The death of George Floyd while he was in Minneapolis police custody May 25 sparked an international social revolution.
At home, it sent politicians local and national scrambling to both understand and respond.
In the 8th Congressional District, U.S. Rep. Pete Stauber is of many minds about the topic, but on the killing itself, the retired Duluth police officer said: “There is nothing in that video that I stood for as a law enforcement officer.”
Stauber, R-Hermantown, was disappointed his voice has been shut out of Democratic proposals that would change policing, and said he’s working with U.S. Rep. Jim Jordan, R-Ohio, and U.S. Sen. Tim Scott, R-South Carolina, on Republican counterproposals.
“I’m one of the very few people in Congress to have worn the local uniform of law enforcement,” Stauber said. "This is an opportunity for me to talk to colleagues on both sides about my policing and my experience and what I think needs to be done.”
Instead of putting forward radical ideas that will make communities less safe, let’s work together on policies that improve hiring standards, bolster training, increase # of body cameras, review arbitration practices, & implement community policing practices nationwide. (2/2)
Instead of putting forward radical ideas that will make communities less safe, let’s work together on policies that improve hiring standards, bolster training, increase # of body cameras, review arbitration practices, & implement community policing practices nationwide. (2/2)— Pete Stauber (@RepPeteStauber) June 8, 2020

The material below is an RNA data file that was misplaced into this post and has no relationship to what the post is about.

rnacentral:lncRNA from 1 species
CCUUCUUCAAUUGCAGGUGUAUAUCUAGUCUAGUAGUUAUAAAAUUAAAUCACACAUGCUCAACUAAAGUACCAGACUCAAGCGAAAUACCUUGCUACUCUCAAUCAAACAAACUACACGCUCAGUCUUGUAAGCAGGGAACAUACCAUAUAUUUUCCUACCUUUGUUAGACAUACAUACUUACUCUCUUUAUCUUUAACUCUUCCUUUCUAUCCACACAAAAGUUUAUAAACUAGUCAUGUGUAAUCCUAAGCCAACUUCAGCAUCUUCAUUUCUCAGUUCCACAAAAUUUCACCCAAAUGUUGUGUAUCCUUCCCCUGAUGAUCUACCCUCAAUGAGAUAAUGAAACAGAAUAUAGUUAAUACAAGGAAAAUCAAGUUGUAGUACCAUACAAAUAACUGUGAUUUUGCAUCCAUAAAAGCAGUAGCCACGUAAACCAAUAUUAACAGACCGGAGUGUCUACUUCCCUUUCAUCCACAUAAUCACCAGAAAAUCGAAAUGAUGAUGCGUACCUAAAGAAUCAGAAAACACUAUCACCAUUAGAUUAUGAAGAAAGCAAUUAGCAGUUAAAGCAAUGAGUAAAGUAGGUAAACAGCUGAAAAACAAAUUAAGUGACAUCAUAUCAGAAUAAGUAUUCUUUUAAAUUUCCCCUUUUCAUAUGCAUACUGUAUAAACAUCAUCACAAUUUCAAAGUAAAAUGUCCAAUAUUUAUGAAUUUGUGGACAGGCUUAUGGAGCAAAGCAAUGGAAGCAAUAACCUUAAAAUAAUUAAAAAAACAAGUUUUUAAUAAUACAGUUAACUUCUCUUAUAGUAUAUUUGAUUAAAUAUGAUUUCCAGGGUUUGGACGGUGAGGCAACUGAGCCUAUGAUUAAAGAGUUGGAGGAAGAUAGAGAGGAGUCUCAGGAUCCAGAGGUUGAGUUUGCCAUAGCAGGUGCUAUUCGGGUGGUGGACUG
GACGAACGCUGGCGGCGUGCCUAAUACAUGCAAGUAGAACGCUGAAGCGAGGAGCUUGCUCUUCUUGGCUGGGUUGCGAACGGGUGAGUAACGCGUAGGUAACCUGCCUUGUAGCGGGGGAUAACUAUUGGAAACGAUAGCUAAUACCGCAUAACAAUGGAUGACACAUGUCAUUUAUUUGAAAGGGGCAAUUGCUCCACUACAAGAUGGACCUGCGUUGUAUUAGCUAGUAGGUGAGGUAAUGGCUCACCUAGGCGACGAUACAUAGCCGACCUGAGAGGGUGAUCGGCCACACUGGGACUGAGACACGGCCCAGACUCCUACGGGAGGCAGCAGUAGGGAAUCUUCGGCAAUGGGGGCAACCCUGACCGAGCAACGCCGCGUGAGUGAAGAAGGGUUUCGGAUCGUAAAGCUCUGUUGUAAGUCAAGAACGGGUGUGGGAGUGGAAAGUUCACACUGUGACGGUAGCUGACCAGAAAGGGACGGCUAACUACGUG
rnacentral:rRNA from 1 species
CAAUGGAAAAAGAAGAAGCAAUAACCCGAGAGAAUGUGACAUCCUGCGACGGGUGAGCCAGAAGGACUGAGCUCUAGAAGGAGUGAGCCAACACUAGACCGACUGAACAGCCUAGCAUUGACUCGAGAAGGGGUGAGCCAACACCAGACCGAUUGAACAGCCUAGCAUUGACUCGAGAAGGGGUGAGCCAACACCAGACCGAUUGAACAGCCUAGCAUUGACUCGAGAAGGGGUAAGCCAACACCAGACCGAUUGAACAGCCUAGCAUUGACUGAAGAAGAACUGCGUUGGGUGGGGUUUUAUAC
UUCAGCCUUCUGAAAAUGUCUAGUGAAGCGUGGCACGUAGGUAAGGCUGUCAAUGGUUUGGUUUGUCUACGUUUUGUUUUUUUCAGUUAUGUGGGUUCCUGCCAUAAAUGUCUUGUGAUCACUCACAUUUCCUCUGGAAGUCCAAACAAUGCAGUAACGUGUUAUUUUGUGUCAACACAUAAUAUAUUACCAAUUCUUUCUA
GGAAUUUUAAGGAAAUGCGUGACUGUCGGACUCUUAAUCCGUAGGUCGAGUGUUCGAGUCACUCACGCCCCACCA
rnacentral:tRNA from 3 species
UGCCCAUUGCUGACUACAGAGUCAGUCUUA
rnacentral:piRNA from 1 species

Stauber’s opponents in the upcoming primary election in August and likely general election in November are of distinct minds on the topic, too. Republican Harry Welty, of Duluth, supports the sentiment behind a defund-the-police movement that has risen in the wake of Floyd’s death, while Democrat Quinn Nystrom, of Baxter, explained to the News Tribune why she won’t go so far as that.
“I’m not for abolishing the police; I’m not for defunding the police,” she said. “What I’m advocating for is public safety reform and looking at continuing investments in community programs.”
Nystrom added that racial injustices 400 years in the making won't be changed by legislation alone.
"If we are going to fundamentally fix and find solutions for systemic racism, we also have to be honest that, yes, this happened within a police department, but this happens in all different systems throughout America," she said. “If we’re going to fix it, that is going to go beyond a couple pieces of legislation. That is going to mean having national conversations with communities and activists and people who have been affected the greatest.”
On immediate measures, Nystrom and Stauber agree on the elimination of chokeholds.
“In my 23 years, we never allowed chokeholds,” Stauber said, advocating for wider implementation of the community policing model that has long been adopted in Duluth.
“You don’t police your community,” Stauber said. “You police with your community.”
Stauber made the example that rather than "running a radar gun on 52nd Avenue East" in Duluth, community policing requires departments to listen to the priorities of the communities, such as keeping parks safe in the evenings, and making sure trail heads weren’t being used for drug sales.